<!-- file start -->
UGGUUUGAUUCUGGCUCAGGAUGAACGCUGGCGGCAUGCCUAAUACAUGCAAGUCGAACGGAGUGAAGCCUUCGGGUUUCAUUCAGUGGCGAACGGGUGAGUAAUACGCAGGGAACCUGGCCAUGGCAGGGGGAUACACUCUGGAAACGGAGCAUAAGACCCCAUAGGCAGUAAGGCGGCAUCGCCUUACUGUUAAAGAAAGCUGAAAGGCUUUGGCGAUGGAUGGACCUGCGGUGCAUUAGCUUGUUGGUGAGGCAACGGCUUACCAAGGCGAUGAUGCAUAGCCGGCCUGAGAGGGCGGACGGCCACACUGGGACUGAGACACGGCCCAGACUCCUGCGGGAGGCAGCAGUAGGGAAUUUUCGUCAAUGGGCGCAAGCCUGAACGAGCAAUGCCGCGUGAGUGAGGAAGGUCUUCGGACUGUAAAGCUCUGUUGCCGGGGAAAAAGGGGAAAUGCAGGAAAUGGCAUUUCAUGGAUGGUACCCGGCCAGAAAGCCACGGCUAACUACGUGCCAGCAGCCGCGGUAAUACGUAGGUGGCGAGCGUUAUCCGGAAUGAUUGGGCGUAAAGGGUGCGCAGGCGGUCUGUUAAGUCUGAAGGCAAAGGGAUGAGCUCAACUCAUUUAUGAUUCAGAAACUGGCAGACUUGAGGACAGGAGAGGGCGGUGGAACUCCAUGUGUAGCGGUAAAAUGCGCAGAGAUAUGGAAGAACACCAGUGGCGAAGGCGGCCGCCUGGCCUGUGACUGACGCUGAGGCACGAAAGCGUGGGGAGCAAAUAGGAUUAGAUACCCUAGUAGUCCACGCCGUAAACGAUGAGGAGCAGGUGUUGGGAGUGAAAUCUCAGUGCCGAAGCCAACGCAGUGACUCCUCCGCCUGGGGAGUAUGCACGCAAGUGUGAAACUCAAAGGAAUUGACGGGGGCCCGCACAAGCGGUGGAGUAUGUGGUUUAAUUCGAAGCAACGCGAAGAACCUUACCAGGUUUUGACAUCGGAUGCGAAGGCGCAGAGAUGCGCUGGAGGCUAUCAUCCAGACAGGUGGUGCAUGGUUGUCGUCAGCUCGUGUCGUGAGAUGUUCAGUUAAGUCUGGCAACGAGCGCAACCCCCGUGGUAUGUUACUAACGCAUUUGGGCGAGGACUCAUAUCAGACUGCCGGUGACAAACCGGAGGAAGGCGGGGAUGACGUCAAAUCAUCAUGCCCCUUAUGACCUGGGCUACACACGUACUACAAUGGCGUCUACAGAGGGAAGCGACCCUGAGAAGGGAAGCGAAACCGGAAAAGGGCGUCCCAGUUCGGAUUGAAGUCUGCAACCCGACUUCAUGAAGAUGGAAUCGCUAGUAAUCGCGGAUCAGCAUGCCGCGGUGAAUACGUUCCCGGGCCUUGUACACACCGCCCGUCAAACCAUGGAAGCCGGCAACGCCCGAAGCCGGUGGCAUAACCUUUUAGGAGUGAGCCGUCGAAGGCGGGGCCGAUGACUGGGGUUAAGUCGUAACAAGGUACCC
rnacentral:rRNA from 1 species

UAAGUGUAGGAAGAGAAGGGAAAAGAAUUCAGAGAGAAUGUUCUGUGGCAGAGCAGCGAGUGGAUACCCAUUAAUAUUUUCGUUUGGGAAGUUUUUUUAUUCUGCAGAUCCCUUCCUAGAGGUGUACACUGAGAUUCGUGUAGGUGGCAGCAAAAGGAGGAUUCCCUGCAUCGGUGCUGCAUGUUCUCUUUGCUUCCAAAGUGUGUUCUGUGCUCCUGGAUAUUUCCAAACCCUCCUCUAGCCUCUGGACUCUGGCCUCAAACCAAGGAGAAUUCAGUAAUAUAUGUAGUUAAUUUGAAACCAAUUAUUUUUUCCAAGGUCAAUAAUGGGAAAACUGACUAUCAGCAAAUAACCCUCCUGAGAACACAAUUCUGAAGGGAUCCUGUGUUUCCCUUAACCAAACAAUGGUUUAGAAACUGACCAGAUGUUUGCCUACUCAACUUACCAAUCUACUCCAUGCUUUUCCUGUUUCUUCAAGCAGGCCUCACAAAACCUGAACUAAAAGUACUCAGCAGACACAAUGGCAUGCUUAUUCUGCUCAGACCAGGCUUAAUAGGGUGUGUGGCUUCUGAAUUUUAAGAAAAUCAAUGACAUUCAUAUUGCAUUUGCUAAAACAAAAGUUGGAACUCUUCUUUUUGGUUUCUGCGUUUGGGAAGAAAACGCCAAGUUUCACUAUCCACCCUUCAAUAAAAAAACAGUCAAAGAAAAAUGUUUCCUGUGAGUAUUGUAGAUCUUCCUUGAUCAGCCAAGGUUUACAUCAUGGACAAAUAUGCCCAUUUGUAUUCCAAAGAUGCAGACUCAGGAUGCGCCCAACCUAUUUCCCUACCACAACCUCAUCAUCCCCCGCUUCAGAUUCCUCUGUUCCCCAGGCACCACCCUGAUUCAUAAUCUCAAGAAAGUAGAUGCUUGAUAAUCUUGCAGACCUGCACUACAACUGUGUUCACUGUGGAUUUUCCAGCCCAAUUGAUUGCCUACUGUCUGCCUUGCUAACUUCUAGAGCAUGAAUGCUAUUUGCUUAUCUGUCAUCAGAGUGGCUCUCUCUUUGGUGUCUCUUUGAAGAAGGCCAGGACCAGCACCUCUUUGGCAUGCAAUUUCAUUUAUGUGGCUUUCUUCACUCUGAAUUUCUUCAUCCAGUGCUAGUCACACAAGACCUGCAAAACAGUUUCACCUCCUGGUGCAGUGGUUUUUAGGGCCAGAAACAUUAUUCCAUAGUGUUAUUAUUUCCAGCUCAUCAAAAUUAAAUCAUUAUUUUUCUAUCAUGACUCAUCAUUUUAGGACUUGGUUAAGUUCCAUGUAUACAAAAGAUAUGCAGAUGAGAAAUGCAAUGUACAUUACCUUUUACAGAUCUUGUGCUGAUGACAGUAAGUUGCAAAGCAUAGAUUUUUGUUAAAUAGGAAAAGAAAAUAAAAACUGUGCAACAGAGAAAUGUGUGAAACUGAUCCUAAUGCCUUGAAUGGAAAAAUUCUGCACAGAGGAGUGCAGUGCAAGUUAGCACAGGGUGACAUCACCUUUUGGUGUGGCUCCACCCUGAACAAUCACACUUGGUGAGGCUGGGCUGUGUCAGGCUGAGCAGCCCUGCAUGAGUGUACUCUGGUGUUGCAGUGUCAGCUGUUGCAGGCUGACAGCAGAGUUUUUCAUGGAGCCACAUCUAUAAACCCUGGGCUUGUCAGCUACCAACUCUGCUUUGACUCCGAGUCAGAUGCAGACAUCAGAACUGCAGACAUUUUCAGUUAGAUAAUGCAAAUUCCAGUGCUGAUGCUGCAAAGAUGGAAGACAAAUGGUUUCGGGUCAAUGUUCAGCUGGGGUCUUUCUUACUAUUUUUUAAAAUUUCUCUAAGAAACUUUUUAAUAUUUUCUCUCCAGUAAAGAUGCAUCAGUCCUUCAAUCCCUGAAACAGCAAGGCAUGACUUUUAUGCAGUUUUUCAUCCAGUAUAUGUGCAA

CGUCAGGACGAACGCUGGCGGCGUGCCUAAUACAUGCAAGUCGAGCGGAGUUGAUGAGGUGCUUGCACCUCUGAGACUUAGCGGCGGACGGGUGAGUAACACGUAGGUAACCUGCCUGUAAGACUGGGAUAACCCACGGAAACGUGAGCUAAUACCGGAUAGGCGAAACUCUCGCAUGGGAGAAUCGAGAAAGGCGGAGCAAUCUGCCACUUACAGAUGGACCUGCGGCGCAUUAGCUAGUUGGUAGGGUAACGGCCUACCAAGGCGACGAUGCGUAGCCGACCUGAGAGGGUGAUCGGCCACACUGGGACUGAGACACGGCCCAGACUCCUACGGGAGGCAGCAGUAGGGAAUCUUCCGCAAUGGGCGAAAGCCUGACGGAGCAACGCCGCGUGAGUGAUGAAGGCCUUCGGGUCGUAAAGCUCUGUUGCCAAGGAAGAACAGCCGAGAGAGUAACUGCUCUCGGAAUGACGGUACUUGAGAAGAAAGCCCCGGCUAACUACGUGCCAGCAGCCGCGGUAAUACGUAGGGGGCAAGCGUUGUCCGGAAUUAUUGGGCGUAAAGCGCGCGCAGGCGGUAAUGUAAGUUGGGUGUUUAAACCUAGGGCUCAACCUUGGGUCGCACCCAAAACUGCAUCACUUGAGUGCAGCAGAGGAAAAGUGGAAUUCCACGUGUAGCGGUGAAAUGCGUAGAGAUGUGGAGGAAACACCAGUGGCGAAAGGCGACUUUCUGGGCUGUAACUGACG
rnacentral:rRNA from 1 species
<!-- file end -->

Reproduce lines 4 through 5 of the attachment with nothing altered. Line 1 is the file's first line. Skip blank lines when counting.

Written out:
CGUCAGGACGAACGCUGGCGGCGUGCCUAAUACAUGCAAGUCGAGCGGAGUUGAUGAGGUGCUUGCACCUCUGAGACUUAGCGGCGGACGGGUGAGUAACACGUAGGUAACCUGCCUGUAAGACUGGGAUAACCCACGGAAACGUGAGCUAAUACCGGAUAGGCGAAACUCUCGCAUGGGAGAAUCGAGAAAGGCGGAGCAAUCUGCCACUUACAGAUGGACCUGCGGCGCAUUAGCUAGUUGGUAGGGUAACGGCCUACCAAGGCGACGAUGCGUAGCCGACCUGAGAGGGUGAUCGGCCACACUGGGACUGAGACACGGCCCAGACUCCUACGGGAGGCAGCAGUAGGGAAUCUUCCGCAAUGGGCGAAAGCCUGACGGAGCAACGCCGCGUGAGUGAUGAAGGCCUUCGGGUCGUAAAGCUCUGUUGCCAAGGAAGAACAGCCGAGAGAGUAACUGCUCUCGGAAUGACGGUACUUGAGAAGAAAGCCCCGGCUAACUACGUGCCAGCAGCCGCGGUAAUACGUAGGGGGCAAGCGUUGUCCGGAAUUAUUGGGCGUAAAGCGCGCGCAGGCGGUAAUGUAAGUUGGGUGUUUAAACCUAGGGCUCAACCUUGGGUCGCACCCAAAACUGCAUCACUUGAGUGCAGCAGAGGAAAAGUGGAAUUCCACGUGUAGCGGUGAAAUGCGUAGAGAUGUGGAGGAAACACCAGUGGCGAAAGGCGACUUUCUGGGCUGUAACUGACG
rnacentral:rRNA from 1 species